The University of Essex has been awarded £325,000 to establish a national centre aimed at improving decision making by public bodies and the quality of administrative justice.
The three-year grant from the Nuffield Foundation will fund a unique initiative providing key research on the millions of decisions made by public bodies each year which directly affect the rights and interests of UK people.
The UK Administrative Justice Institute (UKAJI) will draw on the university’s strength as the country’s leading social science university creating links between policy, practice and research communities, developing a coordinated research agenda, and tackling capacity constraints that have previously limited research.
Maurice Sunkin, a Professor of Public Law and Socio Legal Studies in Essex’s School of Law, will lead a core team of 11 researchers from universities across the UK.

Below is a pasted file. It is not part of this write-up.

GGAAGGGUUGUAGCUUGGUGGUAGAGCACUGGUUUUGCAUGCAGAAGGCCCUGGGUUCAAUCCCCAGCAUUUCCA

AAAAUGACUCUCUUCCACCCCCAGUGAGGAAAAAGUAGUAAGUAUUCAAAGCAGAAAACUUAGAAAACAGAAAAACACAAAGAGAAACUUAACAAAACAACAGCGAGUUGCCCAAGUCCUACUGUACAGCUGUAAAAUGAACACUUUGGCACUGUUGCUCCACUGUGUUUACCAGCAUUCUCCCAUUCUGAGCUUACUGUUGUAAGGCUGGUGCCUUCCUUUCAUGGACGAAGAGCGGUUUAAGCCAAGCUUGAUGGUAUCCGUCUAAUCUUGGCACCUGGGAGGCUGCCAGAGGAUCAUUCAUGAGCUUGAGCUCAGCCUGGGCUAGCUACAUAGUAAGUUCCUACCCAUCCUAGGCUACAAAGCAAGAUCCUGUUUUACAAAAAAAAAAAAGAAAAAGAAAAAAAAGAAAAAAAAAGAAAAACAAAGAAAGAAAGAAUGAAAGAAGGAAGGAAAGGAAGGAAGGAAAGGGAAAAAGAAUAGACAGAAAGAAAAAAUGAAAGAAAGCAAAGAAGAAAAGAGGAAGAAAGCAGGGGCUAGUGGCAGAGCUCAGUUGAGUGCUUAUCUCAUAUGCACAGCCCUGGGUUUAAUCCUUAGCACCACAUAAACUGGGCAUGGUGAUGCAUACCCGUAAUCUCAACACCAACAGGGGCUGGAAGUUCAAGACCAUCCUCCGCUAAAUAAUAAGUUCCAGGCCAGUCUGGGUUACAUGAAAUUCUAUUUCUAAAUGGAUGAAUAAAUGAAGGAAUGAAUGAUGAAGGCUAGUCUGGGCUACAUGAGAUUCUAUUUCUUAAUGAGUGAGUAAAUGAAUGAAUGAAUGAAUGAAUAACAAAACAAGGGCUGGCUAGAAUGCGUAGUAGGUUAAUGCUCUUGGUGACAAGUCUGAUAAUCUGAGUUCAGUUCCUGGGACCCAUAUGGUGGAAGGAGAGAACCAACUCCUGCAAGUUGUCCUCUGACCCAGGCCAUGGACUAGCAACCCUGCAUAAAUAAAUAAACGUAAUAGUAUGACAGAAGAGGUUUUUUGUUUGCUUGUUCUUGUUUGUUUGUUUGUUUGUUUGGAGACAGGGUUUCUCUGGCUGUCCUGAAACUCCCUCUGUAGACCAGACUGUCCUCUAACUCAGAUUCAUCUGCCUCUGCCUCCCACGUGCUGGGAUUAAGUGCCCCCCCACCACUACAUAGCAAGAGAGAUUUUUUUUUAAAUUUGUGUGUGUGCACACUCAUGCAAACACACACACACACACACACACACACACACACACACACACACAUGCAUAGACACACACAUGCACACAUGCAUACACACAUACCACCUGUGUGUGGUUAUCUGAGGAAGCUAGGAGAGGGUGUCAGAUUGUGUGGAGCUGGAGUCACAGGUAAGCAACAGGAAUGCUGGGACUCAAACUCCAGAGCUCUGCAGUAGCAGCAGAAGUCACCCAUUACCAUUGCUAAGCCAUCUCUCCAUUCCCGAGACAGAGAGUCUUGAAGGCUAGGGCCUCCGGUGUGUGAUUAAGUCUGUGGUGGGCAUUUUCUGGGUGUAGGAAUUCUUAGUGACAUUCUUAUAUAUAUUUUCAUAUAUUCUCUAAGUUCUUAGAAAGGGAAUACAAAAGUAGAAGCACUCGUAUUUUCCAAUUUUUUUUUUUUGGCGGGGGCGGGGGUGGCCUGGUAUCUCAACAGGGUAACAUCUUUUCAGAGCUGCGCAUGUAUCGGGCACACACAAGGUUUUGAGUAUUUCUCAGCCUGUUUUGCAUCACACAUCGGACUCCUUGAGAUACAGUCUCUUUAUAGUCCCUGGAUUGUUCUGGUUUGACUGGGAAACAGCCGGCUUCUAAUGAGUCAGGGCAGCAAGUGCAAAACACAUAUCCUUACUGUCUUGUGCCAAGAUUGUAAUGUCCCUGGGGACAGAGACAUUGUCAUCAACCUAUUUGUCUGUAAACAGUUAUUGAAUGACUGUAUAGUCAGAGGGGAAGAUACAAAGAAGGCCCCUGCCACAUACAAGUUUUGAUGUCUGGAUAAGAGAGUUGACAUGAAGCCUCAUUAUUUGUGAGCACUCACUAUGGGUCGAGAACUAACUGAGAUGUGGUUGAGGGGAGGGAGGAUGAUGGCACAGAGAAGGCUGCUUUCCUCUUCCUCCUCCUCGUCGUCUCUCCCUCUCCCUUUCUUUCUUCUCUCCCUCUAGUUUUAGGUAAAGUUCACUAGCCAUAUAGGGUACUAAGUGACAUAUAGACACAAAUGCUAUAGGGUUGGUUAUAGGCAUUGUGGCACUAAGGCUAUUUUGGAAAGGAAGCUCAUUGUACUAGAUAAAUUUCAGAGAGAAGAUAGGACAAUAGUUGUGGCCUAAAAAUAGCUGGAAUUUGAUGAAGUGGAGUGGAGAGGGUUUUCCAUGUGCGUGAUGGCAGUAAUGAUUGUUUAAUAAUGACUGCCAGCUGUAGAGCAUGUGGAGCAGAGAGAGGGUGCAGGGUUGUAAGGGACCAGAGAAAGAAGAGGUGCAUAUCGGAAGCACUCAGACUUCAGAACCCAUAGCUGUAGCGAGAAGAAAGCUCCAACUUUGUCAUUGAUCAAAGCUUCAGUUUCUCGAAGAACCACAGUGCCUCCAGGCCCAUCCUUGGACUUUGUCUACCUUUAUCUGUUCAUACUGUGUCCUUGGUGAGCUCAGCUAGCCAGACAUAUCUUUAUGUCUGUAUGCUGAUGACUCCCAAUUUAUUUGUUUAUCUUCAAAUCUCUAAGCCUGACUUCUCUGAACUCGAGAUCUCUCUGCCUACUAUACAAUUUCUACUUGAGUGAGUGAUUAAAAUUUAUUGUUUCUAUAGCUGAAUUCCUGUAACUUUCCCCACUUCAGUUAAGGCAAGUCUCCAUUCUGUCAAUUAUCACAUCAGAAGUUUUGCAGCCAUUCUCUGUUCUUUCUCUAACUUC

He said: “Public bodies make millions of decisions each year on everything from welfare benefits, to jobs, health care and education.
“For those of us who feel a wrong decision has been made, there are avenues for seeking redress, such as tribunals, recourse to judicial review, and complaining to an ombudsman. Together, these varied systems are intended to ensure administrative justice but actually we know very little about whether these mechanisms are working effectively and efficiently, or whether their outcomes improve the quality of decisions.”
The administrative justice system deals with more cases than the criminal and civil justice systems combined. In the last year on record there were more than 650,000 hearings before tribunals - in addition to innumerable internal and ombudsman complaints - compared to 63,000 civil trials and 200,000 criminal trials in England and Wales.
Professor Sunkin said: “Here at Essex, including at the Institute for Social and Economic Research, the ESRC Business and Local Government Data Research Centre, and through the Understanding Society project, we have the expertise in working with quantitative social science data to understand the impact these systems are having on those seeking redress, who are often some of the most disadvantaged members of society.”